December 22, 2011 Articles

Questions to Ask Before Starting International Arbitration

Although thinking ahead is important in all forms of dispute resolution, it takes on added importance in international arbitration

by B. Ted Howes

No one can deny the increasing importance of international arbitration in today's connected business world. Because arbitration awards are much easier to enforce abroad than domestic court judgments are, and due to the perceived neutrality of international arbitration compared to home-court lawsuits, arbitration has significant advantages over litigation in resolving international commercial disputes. For most sophisticated corporations, arbitration has become the default dispute-resolution mechanism for international transactions. As a result, international arbitration has grown in tandem with the explosive growth of international trade.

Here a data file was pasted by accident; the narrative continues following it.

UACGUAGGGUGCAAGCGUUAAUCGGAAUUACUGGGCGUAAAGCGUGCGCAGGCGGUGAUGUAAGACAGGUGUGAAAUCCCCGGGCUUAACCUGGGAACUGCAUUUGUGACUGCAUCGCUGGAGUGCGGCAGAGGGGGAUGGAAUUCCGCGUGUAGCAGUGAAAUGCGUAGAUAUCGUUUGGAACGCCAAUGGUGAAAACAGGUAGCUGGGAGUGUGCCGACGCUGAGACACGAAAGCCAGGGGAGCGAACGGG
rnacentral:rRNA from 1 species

Despite the rapid growth and the acceptance of international arbitration, some U.S. litigators and in-house counsel are not prepared for the special demands of this unique dispute-resolution mechanism. What many U.S. practitioners fail to appreciate is that international arbitration is ahybrid form of dispute resolution that combines characteristics of both the common-law and civil-law legal systems. International arbitration is also, by definition, complicated by transnational legal issues and competing legal jurisdictions and cultures. As a result, those attorneys who are not accustomed to the unique procedures, rules, and customs of international arbitration may encounter unpleasant surprises if they rush into a case without adequate forethought.

To effectively plan for and manage an international arbitration, attorneys are advised to ask six strategic questions at the beginning of the arbitral process—which, for a plaintiff/claimant, means before the commencement of the arbitration, if possible, and, for a defendant/respondent, means on receipt of the claimant's arbitration threat. Answering these questions (or, for in-house counsel, demanding answers to these questions from outside counsel) should not be a rote exercise; doing it right takes time and mental energy. That said, a thorough and realistic evaluation of these six inquiries will likely save legal fees in the long run and significantly increase the chances of victory in the arbitration.

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